whether they be frequentist or Bayesian, begin with
the construction of a likelihood function. For Gaussian
fluctuations, the only kind we consider here,
this is a multivariant Gaussian in the pixel temperature
values, where the covariance matrix is a function
of the model parameters (see below). The likelihood
is then used as a function of the parameters, but
as just mentioned, the large number of pixels makes
this object very computationally cumbersome.
It would be extremely useful to be able to define
a likelihood function starting directly with the
power estimates in Fig. 1. This is
the concern of this *paper*, where we
develop an approximation to the the full likelihood
function which requires only band-power
estimates and very limited experimental details.
As always in such procedures, it is worth
emphasizing that the likelihood function, and
therefore all derived constraints, only applies
within the context of the particular model
adopted. In our discussion, we shall focus primarily
on inflationary scenarios, whose
theoretical predictions have become easily calculable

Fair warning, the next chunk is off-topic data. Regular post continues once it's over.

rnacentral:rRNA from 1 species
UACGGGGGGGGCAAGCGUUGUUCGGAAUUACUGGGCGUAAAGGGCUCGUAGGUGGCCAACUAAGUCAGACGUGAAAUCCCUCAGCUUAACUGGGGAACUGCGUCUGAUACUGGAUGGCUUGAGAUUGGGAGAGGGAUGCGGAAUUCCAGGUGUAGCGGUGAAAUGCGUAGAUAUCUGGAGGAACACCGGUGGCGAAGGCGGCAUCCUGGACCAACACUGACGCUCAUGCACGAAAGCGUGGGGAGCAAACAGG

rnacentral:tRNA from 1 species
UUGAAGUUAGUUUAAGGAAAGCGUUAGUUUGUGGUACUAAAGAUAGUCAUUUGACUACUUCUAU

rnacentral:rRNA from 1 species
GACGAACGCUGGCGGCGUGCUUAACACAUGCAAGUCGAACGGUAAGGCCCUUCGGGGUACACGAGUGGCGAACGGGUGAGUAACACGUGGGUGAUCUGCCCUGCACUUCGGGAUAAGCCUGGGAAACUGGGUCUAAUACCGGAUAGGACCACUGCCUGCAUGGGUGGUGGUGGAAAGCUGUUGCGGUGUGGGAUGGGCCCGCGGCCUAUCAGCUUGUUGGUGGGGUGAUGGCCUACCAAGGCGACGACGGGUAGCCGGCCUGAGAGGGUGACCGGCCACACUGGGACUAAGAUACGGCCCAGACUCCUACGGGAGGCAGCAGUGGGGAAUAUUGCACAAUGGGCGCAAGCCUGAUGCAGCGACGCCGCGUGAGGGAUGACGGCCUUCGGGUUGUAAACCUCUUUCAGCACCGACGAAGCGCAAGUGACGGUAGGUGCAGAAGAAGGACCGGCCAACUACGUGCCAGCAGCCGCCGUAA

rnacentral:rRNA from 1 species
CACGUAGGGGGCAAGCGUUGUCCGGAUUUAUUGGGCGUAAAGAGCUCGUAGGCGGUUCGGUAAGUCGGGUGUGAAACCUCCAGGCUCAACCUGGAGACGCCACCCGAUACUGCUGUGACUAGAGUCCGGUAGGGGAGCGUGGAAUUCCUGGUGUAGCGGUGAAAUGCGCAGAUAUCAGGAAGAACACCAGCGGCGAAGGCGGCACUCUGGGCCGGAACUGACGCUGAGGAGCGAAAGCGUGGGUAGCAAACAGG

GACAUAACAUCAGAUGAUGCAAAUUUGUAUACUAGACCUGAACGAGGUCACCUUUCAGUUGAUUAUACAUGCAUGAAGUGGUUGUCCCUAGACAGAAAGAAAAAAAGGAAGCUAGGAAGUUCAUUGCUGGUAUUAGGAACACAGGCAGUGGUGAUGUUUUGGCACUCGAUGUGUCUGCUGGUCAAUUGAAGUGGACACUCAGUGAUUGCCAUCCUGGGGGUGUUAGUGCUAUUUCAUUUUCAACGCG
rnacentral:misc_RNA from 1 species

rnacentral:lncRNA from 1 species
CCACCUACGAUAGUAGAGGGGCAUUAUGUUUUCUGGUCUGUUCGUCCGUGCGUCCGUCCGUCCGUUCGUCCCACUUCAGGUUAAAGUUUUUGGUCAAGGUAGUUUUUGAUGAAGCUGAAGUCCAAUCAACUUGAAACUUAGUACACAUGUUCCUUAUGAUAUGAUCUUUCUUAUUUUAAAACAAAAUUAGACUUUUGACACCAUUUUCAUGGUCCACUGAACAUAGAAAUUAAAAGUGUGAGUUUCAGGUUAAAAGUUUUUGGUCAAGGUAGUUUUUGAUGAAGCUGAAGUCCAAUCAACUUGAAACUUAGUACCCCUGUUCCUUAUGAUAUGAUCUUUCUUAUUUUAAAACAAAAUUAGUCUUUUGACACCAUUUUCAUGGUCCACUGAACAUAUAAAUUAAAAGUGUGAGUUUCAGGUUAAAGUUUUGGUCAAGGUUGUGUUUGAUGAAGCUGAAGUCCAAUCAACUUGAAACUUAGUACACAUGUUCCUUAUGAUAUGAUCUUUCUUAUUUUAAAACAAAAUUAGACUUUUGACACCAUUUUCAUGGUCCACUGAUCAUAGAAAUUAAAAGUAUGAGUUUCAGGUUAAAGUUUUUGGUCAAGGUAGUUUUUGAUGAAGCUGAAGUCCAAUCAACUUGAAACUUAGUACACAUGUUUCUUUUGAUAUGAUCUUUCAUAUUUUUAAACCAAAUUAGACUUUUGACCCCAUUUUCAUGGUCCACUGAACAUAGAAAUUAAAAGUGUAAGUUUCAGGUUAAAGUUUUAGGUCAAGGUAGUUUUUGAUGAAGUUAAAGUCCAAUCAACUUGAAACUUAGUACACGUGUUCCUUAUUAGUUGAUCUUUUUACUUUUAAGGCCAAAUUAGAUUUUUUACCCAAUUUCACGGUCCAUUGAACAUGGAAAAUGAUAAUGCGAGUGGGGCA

thanks to the development of fast Boltzmann codes, such
as CMBFAST (Seljak & Zaldarriaga 1996; Zaldarriaga et al. 1998).

Much of the recent work
on parameter determination has relied on the traditional
-fitting technique. As is well known, this
amounts to a likelihood approach for observables
with a Gaussian probability distribution. Band-power
estimates do not fall into this category (Knox 1995;
Bartlett et al. 1998c; Bond et al. 2000; Wandelt et al. 1998) -
they are not
Gaussian distributed variables, not even in the case
of underlying Gaussian temperature fluctuations. The
reason is clear: power estimates represent
the *variance* of Gaussian distributed pixel values
(the sky temperature fluctuations), and they therefore have
a distribution more closely related to the -distribution.

We begin, in the following section,
by a general discussion of the likelihood approach
applied to CMB observations. In the context of an